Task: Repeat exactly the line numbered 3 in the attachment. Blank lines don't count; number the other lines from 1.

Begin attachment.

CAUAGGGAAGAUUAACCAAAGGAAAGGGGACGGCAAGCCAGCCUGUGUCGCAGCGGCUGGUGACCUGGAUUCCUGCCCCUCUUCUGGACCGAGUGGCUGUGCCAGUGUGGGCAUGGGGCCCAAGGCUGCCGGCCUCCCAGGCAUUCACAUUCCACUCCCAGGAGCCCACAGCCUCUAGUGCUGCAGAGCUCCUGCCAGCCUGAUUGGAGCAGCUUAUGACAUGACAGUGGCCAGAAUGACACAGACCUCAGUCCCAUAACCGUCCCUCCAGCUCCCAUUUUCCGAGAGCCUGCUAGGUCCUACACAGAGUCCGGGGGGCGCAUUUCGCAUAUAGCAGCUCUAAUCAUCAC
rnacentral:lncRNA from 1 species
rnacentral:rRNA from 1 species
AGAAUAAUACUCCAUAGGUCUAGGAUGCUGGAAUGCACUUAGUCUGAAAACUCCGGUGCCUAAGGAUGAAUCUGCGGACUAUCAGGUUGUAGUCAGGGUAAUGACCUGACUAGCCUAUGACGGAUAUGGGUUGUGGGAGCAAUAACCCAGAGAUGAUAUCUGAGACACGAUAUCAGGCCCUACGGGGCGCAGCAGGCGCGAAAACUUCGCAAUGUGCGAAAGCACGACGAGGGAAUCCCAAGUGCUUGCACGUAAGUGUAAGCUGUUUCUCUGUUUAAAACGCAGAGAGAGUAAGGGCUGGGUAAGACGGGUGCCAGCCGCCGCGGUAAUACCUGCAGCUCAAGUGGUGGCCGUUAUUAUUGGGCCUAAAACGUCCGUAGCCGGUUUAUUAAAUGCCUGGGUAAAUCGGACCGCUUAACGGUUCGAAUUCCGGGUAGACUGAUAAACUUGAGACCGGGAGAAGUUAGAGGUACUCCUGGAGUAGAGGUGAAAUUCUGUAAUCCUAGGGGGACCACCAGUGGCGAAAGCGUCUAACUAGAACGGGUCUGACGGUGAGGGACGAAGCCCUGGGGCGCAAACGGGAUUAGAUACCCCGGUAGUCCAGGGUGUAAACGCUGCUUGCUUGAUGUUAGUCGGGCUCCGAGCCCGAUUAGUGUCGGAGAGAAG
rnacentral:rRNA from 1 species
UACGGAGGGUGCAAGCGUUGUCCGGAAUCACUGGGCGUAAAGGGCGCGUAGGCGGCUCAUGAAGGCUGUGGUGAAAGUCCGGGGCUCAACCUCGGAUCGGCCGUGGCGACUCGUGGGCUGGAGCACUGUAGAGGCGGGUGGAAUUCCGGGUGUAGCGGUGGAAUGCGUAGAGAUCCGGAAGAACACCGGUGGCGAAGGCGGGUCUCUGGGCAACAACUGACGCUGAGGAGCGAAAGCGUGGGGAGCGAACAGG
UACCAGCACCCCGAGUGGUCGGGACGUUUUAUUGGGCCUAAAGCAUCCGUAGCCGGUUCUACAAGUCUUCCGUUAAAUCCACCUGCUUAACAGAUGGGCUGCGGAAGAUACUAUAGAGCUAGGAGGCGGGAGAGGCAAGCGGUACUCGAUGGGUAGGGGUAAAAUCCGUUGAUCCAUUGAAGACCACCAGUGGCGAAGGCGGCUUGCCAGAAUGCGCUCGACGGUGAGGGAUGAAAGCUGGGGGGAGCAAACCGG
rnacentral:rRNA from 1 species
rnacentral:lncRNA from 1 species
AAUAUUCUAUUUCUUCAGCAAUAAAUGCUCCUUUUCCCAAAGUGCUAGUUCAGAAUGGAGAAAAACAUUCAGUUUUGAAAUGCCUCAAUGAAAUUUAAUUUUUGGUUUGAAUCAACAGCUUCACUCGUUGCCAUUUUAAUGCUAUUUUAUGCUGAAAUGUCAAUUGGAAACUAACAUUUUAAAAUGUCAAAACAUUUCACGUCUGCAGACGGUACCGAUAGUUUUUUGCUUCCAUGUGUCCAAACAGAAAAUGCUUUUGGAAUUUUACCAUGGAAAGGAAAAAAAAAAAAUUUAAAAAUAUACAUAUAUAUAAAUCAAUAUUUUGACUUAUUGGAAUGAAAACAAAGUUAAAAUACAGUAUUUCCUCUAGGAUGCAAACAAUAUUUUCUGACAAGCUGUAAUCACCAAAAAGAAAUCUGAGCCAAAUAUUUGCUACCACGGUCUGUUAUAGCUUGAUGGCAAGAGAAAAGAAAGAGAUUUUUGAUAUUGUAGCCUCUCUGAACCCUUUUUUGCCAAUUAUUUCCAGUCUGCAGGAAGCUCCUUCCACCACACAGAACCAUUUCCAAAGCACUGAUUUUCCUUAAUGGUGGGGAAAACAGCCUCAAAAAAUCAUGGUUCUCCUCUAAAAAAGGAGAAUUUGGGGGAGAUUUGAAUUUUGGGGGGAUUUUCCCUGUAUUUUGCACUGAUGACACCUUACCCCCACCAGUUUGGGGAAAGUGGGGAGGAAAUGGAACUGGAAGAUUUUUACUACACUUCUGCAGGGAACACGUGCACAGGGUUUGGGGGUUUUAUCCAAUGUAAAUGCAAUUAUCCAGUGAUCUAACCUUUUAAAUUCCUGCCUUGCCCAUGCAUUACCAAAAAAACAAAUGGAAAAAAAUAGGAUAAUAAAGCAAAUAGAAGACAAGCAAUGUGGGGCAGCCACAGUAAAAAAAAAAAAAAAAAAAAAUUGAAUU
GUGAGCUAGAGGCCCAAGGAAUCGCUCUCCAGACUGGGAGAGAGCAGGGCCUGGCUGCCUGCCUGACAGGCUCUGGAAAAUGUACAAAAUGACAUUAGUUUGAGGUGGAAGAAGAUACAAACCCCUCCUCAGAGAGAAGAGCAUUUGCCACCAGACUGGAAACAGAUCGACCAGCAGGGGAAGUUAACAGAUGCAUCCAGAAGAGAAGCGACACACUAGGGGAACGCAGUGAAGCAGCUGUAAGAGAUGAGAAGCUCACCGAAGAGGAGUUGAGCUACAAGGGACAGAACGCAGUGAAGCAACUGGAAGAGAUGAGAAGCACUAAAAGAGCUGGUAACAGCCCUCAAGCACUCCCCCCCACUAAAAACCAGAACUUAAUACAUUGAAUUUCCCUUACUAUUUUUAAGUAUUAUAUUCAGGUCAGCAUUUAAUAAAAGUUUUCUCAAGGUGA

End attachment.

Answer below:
rnacentral:rRNA from 1 species